Adding to this site’s database of combat sports safety studies, a recent study was published in the Journal Neurology looking at the relationship between fighter brain health and weight class.
In the recent study, titled Effect of Professional Fighters’ Weight Class on Regional Brain Volume, Cognition, and Other Neuropsychiatric Outcomes, the authors looked at data from the athletes participating in the Professional Fighters Brain Health Study. MRI data from 104 MMA fighters and 53 boxers were compared. The authors broke the fighters down into three weight categories to see if there was a relationship between fighter weight class and brain health. The results were scattered with the heavier fighters losing more brain volume year over year than the lighter fighters. They also showed greater yearly reduction in cognitive performance year over year.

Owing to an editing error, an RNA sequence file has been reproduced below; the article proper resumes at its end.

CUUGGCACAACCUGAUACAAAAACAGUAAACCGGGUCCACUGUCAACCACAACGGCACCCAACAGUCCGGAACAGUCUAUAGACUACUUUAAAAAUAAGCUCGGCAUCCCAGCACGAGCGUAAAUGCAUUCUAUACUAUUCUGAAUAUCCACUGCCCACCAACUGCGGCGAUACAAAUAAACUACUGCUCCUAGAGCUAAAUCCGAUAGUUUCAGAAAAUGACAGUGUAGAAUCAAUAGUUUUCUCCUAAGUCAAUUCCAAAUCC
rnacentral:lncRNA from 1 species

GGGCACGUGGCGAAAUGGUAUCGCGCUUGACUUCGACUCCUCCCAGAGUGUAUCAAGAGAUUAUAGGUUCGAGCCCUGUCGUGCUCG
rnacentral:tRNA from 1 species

The lighter fighters, however, suffered greater reductions in regional brain volume on a per-fight basis.
The authors speculated that weight cutting may play a role in greater per fight brain volume reduction in lighter fighters opining as follows “Although more research is needed, greater per-fight decrements in lightweights may be related to practices of weight-cutting, which may increase vulnerability to neurodegeneration post-TBI. Observed decrements associated with weight class may result in progressive impairments in fighter performance, suggesting interventions mitigating the burden of TBI in professional fighters may both improve brain health and increase professional longevity.“
The full abstract can be found here.